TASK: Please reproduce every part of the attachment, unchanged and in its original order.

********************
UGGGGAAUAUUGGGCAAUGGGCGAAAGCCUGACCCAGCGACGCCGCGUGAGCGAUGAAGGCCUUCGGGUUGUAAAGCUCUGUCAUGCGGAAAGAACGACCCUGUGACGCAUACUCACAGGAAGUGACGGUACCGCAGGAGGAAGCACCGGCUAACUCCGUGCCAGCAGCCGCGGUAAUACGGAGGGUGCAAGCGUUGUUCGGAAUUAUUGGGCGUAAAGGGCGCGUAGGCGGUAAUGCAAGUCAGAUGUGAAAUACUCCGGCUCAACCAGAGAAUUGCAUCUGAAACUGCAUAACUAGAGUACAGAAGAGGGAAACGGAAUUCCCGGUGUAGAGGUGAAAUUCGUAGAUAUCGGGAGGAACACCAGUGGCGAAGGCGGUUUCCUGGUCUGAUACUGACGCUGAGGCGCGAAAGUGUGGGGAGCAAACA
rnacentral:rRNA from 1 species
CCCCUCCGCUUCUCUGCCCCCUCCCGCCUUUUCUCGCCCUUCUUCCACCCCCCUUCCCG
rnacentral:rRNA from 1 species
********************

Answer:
UGGGGAAUAUUGGGCAAUGGGCGAAAGCCUGACCCAGCGACGCCGCGUGAGCGAUGAAGGCCUUCGGGUUGUAAAGCUCUGUCAUGCGGAAAGAACGACCCUGUGACGCAUACUCACAGGAAGUGACGGUACCGCAGGAGGAAGCACCGGCUAACUCCGUGCCAGCAGCCGCGGUAAUACGGAGGGUGCAAGCGUUGUUCGGAAUUAUUGGGCGUAAAGGGCGCGUAGGCGGUAAUGCAAGUCAGAUGUGAAAUACUCCGGCUCAACCAGAGAAUUGCAUCUGAAACUGCAUAACUAGAGUACAGAAGAGGGAAACGGAAUUCCCGGUGUAGAGGUGAAAUUCGUAGAUAUCGGGAGGAACACCAGUGGCGAAGGCGGUUUCCUGGUCUGAUACUGACGCUGAGGCGCGAAAGUGUGGGGAGCAAACA
rnacentral:rRNA from 1 species
CCCCUCCGCUUCUCUGCCCCCUCCCGCCUUUUCUCGCCCUUCUUCCACCCCCCUUCCCG
rnacentral:rRNA from 1 species